Street Fighter V: 1st Contact Analysis
A title that is rooted into videogames history, the colossal series from Capcom has spanned more generations of gaming than nearly all others. Across platform from its Arcade roots but the series as we know it and love it came to be with the second entry in the series.
The true version for all home players outside of the arcade had to be the SNES release timed exclusive to the machine (on the console platform at least) as the Amiga and other releases where all handled outside and are best forgotten..shudder.
This was all before the Megadrive/Genesis Championship edition launched later anyway that restored the balance and blood missing from the SNES version, a Nintendo known Quality issue across it’s Family Friendly brand at the time. Many have imitated the fighter that brought in combos, special moves and real variety in characters both physically and practically meaning we all picked are own favourites, with Fan favourites from Ryo, Chun Li, Ken, Delsin among others.
Its impact on the fighting genre was immense and it returns in a new shiny dressing and yet again limited to certain platforms with this time Microsoft being the shunned party in this reunion of Biceps, Blood, tears, tights, Hair and Hadoken’s… all being presented on the PS4 and PC from Capcom. But not all things are the same as the game is no longer running under one of Capcom’s own engines and instead highlighting the cost, production and power of modern off the shelf engines is all been created using Epic’s latest Unreal 4 engine as it adds another large scale game to its ever growing bow. First impressions are good with the games Native 1080 display on this PS4 version and all running at 60fps that really helps you control such a fast paced fighter that relies heavily on timing, constructing button combinations into seamless flurries of arms, legs and powers. The game has had a large shift from its far more complicated previous instalments and tricks like plinking have now been removed and the game has been targeted from its designer Yoshinori Ono's main intentions to simplify it and take it back to a core aspect with less reliance on streaming together un-defendable attacks and allow as much skill but far more balanced Yin and Yang approach to proceedings.With the game and it’s launching 16 deep roster of fighters with many favourites returning but even though Blanka has attended nearly all public outings of the game and its creator he is at present not among the early cast list, with 4 new ones making the early grade. With characters being added throughout 2016 and beyond, 6 are planned to hit this year. These as other DLC content can be either bought with good old fashioned Digital number transfers from one large banking organisation to the other or earned through the in-game fighting currency.
Animation and design is a vital part of a fighter with pre-game trash talk giving the engine a chance to show off the artistic talent from Capcom that manages to feel instantly familiar but pleasingly new all at the same time. Keyframe count is high with natural motion as they line up ready to fight, or recover from a well-executed kick on both sides the blending of animation sets well with that distinct Japanese bright anime style, but slightly more western in its more herculean muscle tone…that Epic influence must be rubbing off as Marcus Fenix could pop up..well if it was on the Microsoft machine anyway. But the picture is not all rosy on the visual front and how Capcom have used the UE4 engine in some big boy and girl battles.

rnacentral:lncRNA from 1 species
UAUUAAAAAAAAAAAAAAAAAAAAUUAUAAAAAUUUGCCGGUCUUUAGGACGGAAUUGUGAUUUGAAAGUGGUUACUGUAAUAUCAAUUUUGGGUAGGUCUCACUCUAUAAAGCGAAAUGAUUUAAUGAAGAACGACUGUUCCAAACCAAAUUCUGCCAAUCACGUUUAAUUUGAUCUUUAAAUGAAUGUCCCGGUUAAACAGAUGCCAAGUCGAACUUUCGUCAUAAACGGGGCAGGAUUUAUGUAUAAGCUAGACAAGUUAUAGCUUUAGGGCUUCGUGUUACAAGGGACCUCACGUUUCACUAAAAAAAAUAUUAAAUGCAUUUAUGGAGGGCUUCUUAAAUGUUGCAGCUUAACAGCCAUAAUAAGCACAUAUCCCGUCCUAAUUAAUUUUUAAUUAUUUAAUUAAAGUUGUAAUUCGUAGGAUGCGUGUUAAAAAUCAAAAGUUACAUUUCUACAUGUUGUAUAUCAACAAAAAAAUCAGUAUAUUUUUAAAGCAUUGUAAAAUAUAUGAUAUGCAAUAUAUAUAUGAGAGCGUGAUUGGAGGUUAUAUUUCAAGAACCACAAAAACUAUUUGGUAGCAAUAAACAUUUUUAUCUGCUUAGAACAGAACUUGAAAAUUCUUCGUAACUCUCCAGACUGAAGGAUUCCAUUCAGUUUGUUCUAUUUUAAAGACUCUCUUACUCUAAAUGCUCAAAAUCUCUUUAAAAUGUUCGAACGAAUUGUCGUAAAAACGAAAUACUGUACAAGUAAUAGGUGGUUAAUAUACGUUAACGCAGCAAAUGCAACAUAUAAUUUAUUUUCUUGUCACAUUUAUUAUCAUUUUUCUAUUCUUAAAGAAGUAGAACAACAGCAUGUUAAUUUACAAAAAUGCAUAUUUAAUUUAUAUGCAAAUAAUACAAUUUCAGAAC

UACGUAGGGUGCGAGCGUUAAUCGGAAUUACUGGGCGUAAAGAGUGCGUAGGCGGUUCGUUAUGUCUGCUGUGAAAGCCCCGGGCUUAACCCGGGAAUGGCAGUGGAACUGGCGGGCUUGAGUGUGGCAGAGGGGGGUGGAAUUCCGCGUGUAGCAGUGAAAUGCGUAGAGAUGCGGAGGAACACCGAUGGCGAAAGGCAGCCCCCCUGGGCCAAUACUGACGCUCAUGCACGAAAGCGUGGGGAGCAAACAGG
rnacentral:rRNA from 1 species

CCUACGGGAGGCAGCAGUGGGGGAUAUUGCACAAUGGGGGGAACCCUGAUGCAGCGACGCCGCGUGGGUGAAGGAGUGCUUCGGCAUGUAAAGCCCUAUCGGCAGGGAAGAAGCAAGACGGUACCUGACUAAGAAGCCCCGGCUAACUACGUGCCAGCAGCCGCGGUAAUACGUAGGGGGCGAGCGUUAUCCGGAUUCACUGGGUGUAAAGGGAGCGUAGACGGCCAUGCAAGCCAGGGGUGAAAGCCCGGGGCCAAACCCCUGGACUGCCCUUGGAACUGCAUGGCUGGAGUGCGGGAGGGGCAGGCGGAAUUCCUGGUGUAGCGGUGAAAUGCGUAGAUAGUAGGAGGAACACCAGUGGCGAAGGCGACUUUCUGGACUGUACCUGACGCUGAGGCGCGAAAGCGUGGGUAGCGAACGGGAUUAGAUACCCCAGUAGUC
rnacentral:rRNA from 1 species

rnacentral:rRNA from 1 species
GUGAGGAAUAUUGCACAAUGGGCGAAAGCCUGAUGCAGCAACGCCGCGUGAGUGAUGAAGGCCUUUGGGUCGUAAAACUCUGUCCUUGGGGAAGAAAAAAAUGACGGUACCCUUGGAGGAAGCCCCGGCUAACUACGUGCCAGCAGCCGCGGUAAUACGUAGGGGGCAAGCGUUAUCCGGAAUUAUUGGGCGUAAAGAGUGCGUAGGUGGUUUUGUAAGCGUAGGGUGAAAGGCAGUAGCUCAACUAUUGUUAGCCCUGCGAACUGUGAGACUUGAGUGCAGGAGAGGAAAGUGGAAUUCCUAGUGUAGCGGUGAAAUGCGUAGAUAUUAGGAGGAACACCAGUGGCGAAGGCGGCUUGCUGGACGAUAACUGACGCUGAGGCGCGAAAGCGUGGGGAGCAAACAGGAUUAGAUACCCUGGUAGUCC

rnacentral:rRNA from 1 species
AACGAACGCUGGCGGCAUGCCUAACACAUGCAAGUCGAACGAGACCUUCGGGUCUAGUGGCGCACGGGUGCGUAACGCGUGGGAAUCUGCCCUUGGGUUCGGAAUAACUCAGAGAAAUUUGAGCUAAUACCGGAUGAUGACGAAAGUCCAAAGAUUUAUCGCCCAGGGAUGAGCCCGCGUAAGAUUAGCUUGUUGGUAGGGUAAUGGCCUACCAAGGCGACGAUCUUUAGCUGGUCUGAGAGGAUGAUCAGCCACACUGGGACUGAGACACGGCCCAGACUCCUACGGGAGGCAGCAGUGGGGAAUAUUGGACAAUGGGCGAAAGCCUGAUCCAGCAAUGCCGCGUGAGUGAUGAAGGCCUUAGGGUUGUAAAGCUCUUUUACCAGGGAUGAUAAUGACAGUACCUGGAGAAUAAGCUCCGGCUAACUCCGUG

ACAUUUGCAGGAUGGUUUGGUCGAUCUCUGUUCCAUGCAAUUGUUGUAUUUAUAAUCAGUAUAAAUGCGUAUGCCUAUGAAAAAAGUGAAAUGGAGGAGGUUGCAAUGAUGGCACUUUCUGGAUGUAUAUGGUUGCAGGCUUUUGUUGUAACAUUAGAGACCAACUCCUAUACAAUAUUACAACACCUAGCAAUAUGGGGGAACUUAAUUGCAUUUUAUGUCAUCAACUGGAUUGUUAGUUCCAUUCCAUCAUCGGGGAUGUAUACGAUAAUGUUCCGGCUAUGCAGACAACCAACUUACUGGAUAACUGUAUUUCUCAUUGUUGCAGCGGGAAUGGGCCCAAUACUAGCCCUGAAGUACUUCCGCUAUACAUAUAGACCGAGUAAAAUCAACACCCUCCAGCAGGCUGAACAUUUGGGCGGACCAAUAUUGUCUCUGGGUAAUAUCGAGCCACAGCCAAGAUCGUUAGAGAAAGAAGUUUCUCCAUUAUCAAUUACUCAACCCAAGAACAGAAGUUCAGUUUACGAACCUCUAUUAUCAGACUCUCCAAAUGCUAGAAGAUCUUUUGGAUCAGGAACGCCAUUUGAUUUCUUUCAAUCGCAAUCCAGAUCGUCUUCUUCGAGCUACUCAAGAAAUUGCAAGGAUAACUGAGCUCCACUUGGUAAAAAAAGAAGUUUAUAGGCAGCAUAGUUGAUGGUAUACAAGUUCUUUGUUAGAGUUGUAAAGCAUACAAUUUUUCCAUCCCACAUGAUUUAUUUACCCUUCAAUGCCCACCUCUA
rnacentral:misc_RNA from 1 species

Although the main characters are very well realised and much attention has gone into the design, costumes and fluidity of movement they have not paid as much attention to the arenas. Backgrounds lack detail as much as vertices and shadows, with areas ranging from OK to poor with very simple shading, poor contact shadows or none at all. In fact shadows in the game are low quality for the main characters and regularly suspicious by their absence which does not impress and even though the game is more about the action that the art quality in such a small space and only 2 characters more attention would have been welcome, it comes across more like a Work In Progress build than a final game and this is present in the games content at this point.
For a fighter to only have 16 combatants would be fine but the game only has an arcade mode with no REAL story mode. Online is where many will spend the time and I will cover that in detail in my next video along with its cross platform play so PC gamers can now tackle Console games in some far reaching fisticuffs, which is a benefit from its linked and exclusive development process.
But the single biggest factor in a fighting game above all else is consistency on input latency and performance overall and happily here the game delivers a more polished and complete level. From all tested section and Offline fights the performance is a flat 16.67ms frametime in all combat action. Some dips can occur in pre-fight trash talk or at the end KO section but these are usually only a single frame or a few and would not be noticed or effect the action. It also fits into the Japanese delay style of impact as combat and heavy hits land so these are of little to no concern.
As it stands at launch the content within the game and it short and almost "tacked on" story mode does offer very light content for the full price asking price. And even as a hardcore StreetFighter fan myself I cannot recommend it at that price and hopefully the released free updates from now on wards will add to that but throughout the game the feeling of an incomplete package with much more to come cannot be shaken. Be it in content, characters, performance and even its Online infrastructure it is a great start to hopefully the full game the series and fans want.